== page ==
"Does Job fear God for nothing?" Satan replied. "Have you not put a hedge around him and his household and everything he has? You have blessed the work of his hands, so that his flocks and herds are spread throughout the land. But now stretch out your hand and strike everything he has, and he will surely curse you to your face."
The LORD said to Satan, "Very well, then, everything he has is in your power, but on the man himself do not lay a finger." Then Satan went out from the presence of the LORD. (Job 1:7-12 NIV)
Can we not see the reality from the combination of Jesus' statements and these verses in Job the true identity of Satan?
Consider again the initial exchange between God and Satan:
"Where have you come from?" Satan answered the LORD, "From roaming throughout the earth, going back and forth on it."Now consider Jesus' comment to Peter:
“Get away from me, opposer of God – for you set your mind not upon God’s interests, but the interests of people.”And in the desert:
“Go away, enemy of God! For it is written, “You shall worship the LORD your God and Him only shall you serve.” (Matt 4:10)(Other translations use "Satan" instead of "enemy of God" in Matt. 4:10.)
If we are to believe these translations to "Satan," this would mean that Satan is hanging out with God sometimes and hanging out with Jesus sometimes. So how could Satan be so bad then?
And how could Satan have so much influence if he is so bad? This would mean that Satan is out of God's control somehow. As if God lost some control over things.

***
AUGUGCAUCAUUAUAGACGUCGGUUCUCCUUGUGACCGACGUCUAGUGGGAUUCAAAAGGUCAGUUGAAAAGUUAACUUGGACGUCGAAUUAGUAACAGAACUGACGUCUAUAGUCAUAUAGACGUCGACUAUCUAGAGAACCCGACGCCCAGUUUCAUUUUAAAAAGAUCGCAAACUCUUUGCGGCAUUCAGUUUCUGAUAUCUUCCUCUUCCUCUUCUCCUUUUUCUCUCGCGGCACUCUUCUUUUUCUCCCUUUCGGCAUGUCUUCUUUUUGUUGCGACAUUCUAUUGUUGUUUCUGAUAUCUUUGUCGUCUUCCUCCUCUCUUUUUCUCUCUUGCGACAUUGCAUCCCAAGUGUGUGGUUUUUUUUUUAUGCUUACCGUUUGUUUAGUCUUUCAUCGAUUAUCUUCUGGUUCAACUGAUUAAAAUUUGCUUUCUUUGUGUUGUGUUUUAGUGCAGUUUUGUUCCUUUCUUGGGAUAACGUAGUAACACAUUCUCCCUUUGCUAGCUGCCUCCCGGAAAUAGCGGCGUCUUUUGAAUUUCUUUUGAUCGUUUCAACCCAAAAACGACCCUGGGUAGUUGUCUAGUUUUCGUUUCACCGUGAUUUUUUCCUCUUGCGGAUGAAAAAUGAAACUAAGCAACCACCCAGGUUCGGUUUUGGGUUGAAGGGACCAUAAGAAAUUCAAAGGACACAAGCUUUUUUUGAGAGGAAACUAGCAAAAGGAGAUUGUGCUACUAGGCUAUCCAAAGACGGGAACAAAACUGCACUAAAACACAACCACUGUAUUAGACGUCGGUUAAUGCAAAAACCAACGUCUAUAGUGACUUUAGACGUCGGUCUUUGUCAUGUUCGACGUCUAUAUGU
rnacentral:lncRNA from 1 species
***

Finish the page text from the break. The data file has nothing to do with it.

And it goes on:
This is in fact what some preach: That God lost some control over the world to Satan, and this is why there is so much evil in the world.
Frankly, that simply makes no sense at all, because "God" means someone who has full control. If God has lost some control He wouldn't be God.
In fact, this interpretation that Satan has gotten out of control is actually atheism - because it is stating that God has lost control, meaning there is no real God.
Is 'Satan' a metaphor?
The reality is that "Satan" is not who or what some teachers would have us imagine. He is not sleuthing around and lurking in the bushes like a monster, waiting to pounce.
Rather, these discussions are metaphorically describing the illusory energy of the material world. The energy that deceives us into thinking that we are these physical bodies and we will become happy within the physical world: The illusion that if we can just get that next thing, we'll be happy.